ROHM, in collaboration with a research group headed by Associate Professor Hiroshi Fujimoto of the Graduate School of Frontier Sciences at the University of Tokyo (hereafter the " University of Tokyo group") as well as Bridgestone Corporation, NSK Ltd., and Toyo Electric MFG. Co., Ltd. (all collectively referred to as "this research group"), has developed a "third generation in-wheel motor with power transfer during travel" (Figure 1) that enables direct supply of power from the road to the in-wheel motor (IWM) during travel, and announced success in travel experiments in an actual vehicle in a news release (Japanese only) dated October 10, 2019. These achievements were also described in the ROHM booth at CEATEC 2019, held in October and November of 2019, at the NSK booth and Bridgestone booth of the Tokyo Motor Show 2019, and elsewhere.
This "third-generation in-wheel motor with wireless power transfer during travel" is a further extension of a "second-generation wireless IWM" announced by the Tokyo University group in March 2017, and greatly improves power transfer performance during travel, motor performance, and vehicle mountability in moving toward practical application.
IWMs capable of wireless power transfer during travel have been studied as one solution to problems surrounding charging of EVs, which are a powerful means of reducing automotive CO2 emissions. If EVs can be charged during travel, it is argued, the following advantages can be expected.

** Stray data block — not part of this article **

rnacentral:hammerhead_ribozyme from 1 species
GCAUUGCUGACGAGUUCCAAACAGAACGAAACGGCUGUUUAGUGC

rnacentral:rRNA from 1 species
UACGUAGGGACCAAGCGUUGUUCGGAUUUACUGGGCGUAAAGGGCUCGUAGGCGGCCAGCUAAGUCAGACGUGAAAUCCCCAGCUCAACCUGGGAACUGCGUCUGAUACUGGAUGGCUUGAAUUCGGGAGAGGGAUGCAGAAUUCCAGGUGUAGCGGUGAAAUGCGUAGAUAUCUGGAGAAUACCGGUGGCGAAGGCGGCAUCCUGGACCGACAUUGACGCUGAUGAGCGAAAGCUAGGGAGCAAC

- ・The capacity of the onboard battery can be reduced, so that the EV becomes lighter and can travel using less energy.
- ・For similar reasons, EV prices will fall.
- ・EVs can be used without worries about the remaining battery charge or charging times.
In relation to the third-generation status of the IWM, the following improvements and anticipated advances have been reported.
- ・Whereas motor performance had been adequate for kei cars (12 kW per wheel), an IWM with standard passenger car-class performance (25 kW per wheel) was achieved.
- ・The IWM unit had previously protruded from the wheel, but miniaturization greatly improved mountability on the vehicle (Figure 2).
- ・Power feed capacity was improved from about 10 kW per wheel to 20 kW.
- ・When this power feeding system is installed where appropriate, it will become possible to travel in EVs without worries about charging.
Optimization of the motor design, and incorporation of an ultra-compact SiC power module resulting from ROHM R&D in a construction suitable for IWMs, contributed to realization of a unit that is compact in the shaft direction, to improve mountability in the vehicle.
Hereafter there are plans to advance to a demonstration experiment phase in 2025, moving toward realization of IWMs capable of wireless power transfer during travel.
This article is an excerpt from a news release, and the text of the news release should be referenced for further details.